Cash Transfer - School Attendance Increased 5%-points
Cash transfer (CT) programmes
5 percentage point difference in school enrollment, higher education investment & lower school absences in households receiving unconditional CTs.
Asia, Africa, Latin America
Systematic review of 7 studies, including 2 RCTs (above is quoted from a Malawian RCT involving 1,242 children)
International Journal of Basic, Applied and Innovative Research; 2018
Journal paper title and link
Cash transfer programmes on children's outcomes: evidence from developing countries
Excerpt from Abstract
"The systematic search was conducted electronically with the aid of Google search engine, using these key search words - “cash transfers”, “child health”, “child development”, “child marriage” and “child labour”. Studies that used Randomised Control Trails (RCTs) and quasi-experiments, as well as studies that reported cash transfers and child development outcomes such as school enrolment, attendance, test score, child work, child health and nutrition and cognitive development were included. Data on social programmes, target population, methodological quality and study results were extracted with the aid of a standard form. The seven studies that met the inclusion criteria were two from Africa, two from Asia and three from Latin America."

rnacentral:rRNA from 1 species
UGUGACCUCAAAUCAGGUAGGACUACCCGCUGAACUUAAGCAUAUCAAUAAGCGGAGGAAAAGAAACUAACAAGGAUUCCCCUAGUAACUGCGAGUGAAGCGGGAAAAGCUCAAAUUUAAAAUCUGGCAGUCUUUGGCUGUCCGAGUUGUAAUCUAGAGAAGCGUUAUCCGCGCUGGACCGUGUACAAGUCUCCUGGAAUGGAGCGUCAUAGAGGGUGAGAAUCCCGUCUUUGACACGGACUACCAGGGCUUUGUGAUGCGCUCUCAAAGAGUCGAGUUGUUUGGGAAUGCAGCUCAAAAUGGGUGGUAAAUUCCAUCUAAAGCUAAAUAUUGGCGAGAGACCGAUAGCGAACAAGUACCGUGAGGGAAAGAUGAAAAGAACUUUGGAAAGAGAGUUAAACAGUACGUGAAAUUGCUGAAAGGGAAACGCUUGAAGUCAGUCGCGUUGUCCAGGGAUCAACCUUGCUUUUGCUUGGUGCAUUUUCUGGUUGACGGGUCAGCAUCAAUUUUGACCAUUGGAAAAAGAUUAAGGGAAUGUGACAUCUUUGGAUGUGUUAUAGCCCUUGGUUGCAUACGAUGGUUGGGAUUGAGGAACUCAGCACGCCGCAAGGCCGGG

From the Malawi analysis: Households with children receiving Unconditional Cash Transfers (UCTs) encountered a 5%-point difference in school enrollment, higher education investment and lower absences in school as compared to the households with no cash transfer; girls in the intervention households had greater reduction in absenteeism than boys.